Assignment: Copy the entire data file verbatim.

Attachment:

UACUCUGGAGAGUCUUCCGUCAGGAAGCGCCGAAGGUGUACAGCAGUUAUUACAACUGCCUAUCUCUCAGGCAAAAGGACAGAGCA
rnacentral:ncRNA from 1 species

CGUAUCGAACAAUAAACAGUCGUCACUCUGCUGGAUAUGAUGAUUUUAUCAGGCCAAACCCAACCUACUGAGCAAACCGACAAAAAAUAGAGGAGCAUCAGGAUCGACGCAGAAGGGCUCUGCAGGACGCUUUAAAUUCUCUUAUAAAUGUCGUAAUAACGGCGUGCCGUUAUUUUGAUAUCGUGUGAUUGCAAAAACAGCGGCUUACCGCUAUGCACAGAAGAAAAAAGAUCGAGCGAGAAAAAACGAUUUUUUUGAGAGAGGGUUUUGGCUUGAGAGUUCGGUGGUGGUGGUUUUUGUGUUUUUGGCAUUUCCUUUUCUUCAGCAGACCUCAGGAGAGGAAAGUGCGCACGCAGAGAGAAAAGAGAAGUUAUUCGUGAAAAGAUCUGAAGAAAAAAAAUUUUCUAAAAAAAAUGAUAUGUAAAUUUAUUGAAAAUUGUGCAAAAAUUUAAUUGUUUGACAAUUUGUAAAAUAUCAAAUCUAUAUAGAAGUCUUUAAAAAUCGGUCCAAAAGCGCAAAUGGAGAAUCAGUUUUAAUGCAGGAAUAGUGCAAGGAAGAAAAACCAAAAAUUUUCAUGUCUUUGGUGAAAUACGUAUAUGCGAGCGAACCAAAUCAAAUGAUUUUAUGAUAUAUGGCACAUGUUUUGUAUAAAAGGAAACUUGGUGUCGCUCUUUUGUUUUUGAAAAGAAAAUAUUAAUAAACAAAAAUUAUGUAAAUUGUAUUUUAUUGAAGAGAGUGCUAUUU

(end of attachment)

UACUCUGGAGAGUCUUCCGUCAGGAAGCGCCGAAGGUGUACAGCAGUUAUUACAACUGCCUAUCUCUCAGGCAAAAGGACAGAGCA
rnacentral:ncRNA from 1 species

CGUAUCGAACAAUAAACAGUCGUCACUCUGCUGGAUAUGAUGAUUUUAUCAGGCCAAACCCAACCUACUGAGCAAACCGACAAAAAAUAGAGGAGCAUCAGGAUCGACGCAGAAGGGCUCUGCAGGACGCUUUAAAUUCUCUUAUAAAUGUCGUAAUAACGGCGUGCCGUUAUUUUGAUAUCGUGUGAUUGCAAAAACAGCGGCUUACCGCUAUGCACAGAAGAAAAAAGAUCGAGCGAGAAAAAACGAUUUUUUUGAGAGAGGGUUUUGGCUUGAGAGUUCGGUGGUGGUGGUUUUUGUGUUUUUGGCAUUUCCUUUUCUUCAGCAGACCUCAGGAGAGGAAAGUGCGCACGCAGAGAGAAAAGAGAAGUUAUUCGUGAAAAGAUCUGAAGAAAAAAAAUUUUCUAAAAAAAAUGAUAUGUAAAUUUAUUGAAAAUUGUGCAAAAAUUUAAUUGUUUGACAAUUUGUAAAAUAUCAAAUCUAUAUAGAAGUCUUUAAAAAUCGGUCCAAAAGCGCAAAUGGAGAAUCAGUUUUAAUGCAGGAAUAGUGCAAGGAAGAAAAACCAAAAAUUUUCAUGUCUUUGGUGAAAUACGUAUAUGCGAGCGAACCAAAUCAAAUGAUUUUAUGAUAUAUGGCACAUGUUUUGUAUAAAAGGAAACUUGGUGUCGCUCUUUUGUUUUUGAAAAGAAAAUAUUAAUAAACAAAAAUUAUGUAAAUUGUAUUUUAUUGAAGAGAGUGCUAUUU